Mrs. Holland in her charming letters remarks on a saying of Mr. George Meredith's in 'The Egoist': 'The scene in which, while his mother's death is imminent, he pictures his own, and wants to make Clara swear, is extraordinarily good, and that word of hers - "I can only be of value to you, Willoughby, by being myself" - contains, to my mind, the very gospel of marriage. So many marriages are more or less spoilt by the man wanting the woman to be his echo - not his friend.' Perfect friendship between men and women can only come, I think, after love - not before it.
Jowett felt the extreme difficulty of friendship between men and women, and said: 'Hegel was right in condemning the union of souls without bodies. Such schemes of imaginary pleasure are wholly unsatisfactory. The characters of human beings are not elevated enough for them. The religious ideal, the philosophical ideal, is far better than the ideal of female friendship. If any pleasure is to be gained from this, it must be strictly regulated - never allowed to pass into love or excitement - of a noble, manly sort, with something of protecting care in it.'
Jowett also speaks of the sadder side of friendships, which we have all experienced. Though friendship is often represented as love eternal, it is not so at all, and needs as much, if not more maintaining than love of another kind.
He says: 'I do not know whether friendships wear out, like clothes - not if they are kept in repair, and are not too violent. Then they last, and are a great comfort in this weary world.'
As I am known to be a strong advocate of marriage, girls often say to me: 'Do you mean that we are to marry somebody who wants to marry us, whether we really like them or not?' To this there seems to me only one answer: 'If you are perfectly certain that you like one man better than anybody else, you must get over that before you can marry another. While this strong feeling lasts, and to my belief it will last only so long as, at the back of everything, there is some hope, I would advise you not to marry anyone else - in fact, under the circumstances, to think of it would be revolting.' Of course this is the same for men and women. When this feeling has died down to a memory, almost the most real and yet the most unreal fact in one's whole life, then I think a girl should try and make her future by keeping herself for the best type of man who may wish to marry her, not expecting to be ever again - at any rate, in her youth - blindly in love.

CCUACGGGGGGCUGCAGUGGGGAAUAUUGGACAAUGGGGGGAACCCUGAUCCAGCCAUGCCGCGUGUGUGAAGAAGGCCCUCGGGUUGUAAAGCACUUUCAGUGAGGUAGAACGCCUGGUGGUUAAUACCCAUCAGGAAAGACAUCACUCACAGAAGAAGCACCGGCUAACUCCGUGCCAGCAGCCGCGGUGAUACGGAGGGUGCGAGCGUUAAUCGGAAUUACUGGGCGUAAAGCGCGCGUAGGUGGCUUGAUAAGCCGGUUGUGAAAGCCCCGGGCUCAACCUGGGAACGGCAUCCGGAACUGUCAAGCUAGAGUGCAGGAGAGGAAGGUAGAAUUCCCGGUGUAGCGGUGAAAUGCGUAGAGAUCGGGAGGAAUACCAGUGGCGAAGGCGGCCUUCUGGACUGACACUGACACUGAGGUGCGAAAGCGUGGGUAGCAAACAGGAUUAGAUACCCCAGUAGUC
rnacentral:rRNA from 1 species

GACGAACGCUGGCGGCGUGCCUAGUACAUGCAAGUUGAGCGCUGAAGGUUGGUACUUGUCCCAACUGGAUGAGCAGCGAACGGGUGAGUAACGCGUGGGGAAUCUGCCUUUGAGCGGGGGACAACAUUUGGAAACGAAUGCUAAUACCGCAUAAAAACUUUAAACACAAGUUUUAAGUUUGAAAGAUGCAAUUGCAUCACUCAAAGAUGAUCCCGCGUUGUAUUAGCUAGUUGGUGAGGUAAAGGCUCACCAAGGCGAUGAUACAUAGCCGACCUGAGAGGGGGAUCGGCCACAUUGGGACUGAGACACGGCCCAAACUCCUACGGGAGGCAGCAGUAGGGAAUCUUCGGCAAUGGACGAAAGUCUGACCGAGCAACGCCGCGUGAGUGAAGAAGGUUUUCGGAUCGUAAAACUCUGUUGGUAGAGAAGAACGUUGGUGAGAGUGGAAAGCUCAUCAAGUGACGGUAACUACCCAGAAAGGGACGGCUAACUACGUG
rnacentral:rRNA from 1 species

A common saying, and one upon which I have seen many people hang their lives, is Tout Viet à qui sait attendre. This is the version current in England. The correct French proverb is Tout vient à point à qui sait attendre, which, however, does not alter the sense. I have always considered it one of the most untrue sayings with an appearance of wisdom that there is. The only thing that surely comes to those who wait in this manner is death. Stating this opinion of mine the other day, someone else maintained that they took it in another sense, and that the crux of its meaning lay not in the word attendre, but in the word sait ('Everything comes to those who know how to wait'). Skill in waiting, how to utilise to a given end all events that occur - such waiting brings about the coming of desired things. This was perhaps the original meaning of the saying; it is certainly not the accepted popular interpretation of to-day.